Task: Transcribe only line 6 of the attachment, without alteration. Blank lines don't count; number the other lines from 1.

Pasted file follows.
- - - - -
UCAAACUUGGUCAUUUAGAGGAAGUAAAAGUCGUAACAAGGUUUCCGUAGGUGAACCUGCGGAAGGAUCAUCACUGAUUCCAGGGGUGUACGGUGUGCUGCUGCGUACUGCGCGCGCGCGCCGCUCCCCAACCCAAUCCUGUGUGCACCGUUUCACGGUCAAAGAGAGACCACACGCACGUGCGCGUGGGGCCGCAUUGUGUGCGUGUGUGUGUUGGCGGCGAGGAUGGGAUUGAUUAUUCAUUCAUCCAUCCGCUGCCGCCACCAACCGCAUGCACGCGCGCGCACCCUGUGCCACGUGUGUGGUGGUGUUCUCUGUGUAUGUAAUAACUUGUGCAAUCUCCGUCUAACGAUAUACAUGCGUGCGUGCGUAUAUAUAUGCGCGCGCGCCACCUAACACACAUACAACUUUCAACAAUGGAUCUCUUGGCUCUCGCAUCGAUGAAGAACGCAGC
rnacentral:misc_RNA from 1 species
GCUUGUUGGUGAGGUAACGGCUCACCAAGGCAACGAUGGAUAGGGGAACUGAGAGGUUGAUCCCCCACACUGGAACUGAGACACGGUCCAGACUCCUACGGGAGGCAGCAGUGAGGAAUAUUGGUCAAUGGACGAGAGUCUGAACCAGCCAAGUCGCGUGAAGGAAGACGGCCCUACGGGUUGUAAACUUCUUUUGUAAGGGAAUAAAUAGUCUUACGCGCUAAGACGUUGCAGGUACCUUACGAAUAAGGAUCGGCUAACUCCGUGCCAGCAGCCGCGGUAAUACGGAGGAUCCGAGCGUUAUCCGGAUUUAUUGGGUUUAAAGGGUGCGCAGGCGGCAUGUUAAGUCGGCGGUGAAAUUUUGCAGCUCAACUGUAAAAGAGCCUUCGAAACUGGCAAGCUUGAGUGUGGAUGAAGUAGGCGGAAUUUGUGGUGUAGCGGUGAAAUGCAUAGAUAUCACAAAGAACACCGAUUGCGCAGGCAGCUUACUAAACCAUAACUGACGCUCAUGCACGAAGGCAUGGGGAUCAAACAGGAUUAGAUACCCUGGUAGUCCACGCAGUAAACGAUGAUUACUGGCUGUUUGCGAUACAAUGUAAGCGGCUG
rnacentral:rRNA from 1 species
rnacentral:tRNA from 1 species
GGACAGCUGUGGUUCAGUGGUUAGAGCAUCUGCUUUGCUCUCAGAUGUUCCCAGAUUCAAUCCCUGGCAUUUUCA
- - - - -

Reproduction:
GGACAGCUGUGGUUCAGUGGUUAGAGCAUCUGCUUUGCUCUCAGAUGUUCCCAGAUUCAAUCCCUGGCAUUUUCA